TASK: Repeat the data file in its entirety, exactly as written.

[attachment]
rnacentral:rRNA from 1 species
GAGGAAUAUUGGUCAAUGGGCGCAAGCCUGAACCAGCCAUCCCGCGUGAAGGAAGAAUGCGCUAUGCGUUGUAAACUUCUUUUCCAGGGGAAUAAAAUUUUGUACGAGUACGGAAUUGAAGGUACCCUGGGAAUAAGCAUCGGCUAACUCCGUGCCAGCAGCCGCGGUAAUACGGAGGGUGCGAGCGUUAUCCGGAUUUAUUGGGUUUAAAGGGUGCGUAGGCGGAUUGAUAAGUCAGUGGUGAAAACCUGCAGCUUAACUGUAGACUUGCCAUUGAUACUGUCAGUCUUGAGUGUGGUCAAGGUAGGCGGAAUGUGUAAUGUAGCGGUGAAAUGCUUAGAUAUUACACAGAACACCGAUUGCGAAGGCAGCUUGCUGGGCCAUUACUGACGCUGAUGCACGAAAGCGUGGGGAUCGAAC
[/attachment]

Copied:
rnacentral:rRNA from 1 species
GAGGAAUAUUGGUCAAUGGGCGCAAGCCUGAACCAGCCAUCCCGCGUGAAGGAAGAAUGCGCUAUGCGUUGUAAACUUCUUUUCCAGGGGAAUAAAAUUUUGUACGAGUACGGAAUUGAAGGUACCCUGGGAAUAAGCAUCGGCUAACUCCGUGCCAGCAGCCGCGGUAAUACGGAGGGUGCGAGCGUUAUCCGGAUUUAUUGGGUUUAAAGGGUGCGUAGGCGGAUUGAUAAGUCAGUGGUGAAAACCUGCAGCUUAACUGUAGACUUGCCAUUGAUACUGUCAGUCUUGAGUGUGGUCAAGGUAGGCGGAAUGUGUAAUGUAGCGGUGAAAUGCUUAGAUAUUACACAGAACACCGAUUGCGAAGGCAGCUUGCUGGGCCAUUACUGACGCUGAUGCACGAAAGCGUGGGGAUCGAAC